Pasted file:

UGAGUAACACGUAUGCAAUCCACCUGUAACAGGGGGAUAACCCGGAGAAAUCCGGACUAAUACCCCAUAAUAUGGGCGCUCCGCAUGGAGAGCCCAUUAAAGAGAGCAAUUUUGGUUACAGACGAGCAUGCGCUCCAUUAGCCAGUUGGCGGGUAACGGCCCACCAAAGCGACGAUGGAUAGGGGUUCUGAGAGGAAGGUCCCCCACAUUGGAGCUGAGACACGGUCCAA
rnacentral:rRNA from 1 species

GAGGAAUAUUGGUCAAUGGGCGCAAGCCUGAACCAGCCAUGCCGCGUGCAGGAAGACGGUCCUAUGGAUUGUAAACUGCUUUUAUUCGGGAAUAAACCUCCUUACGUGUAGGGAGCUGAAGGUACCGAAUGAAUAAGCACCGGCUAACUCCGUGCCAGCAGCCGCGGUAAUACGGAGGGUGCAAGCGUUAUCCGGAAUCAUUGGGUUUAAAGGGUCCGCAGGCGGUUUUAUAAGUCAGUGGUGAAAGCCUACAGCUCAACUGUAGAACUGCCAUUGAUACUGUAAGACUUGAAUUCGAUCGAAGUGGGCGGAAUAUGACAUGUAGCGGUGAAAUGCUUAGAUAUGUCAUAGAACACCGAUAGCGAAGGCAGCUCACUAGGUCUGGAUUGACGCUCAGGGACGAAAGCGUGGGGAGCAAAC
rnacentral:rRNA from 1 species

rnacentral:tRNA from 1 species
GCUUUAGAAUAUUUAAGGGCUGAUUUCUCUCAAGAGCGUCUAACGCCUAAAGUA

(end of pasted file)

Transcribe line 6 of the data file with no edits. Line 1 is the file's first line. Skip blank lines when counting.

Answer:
GCUUUAGAAUAUUUAAGGGCUGAUUUCUCUCAAGAGCGUCUAACGCCUAAAGUA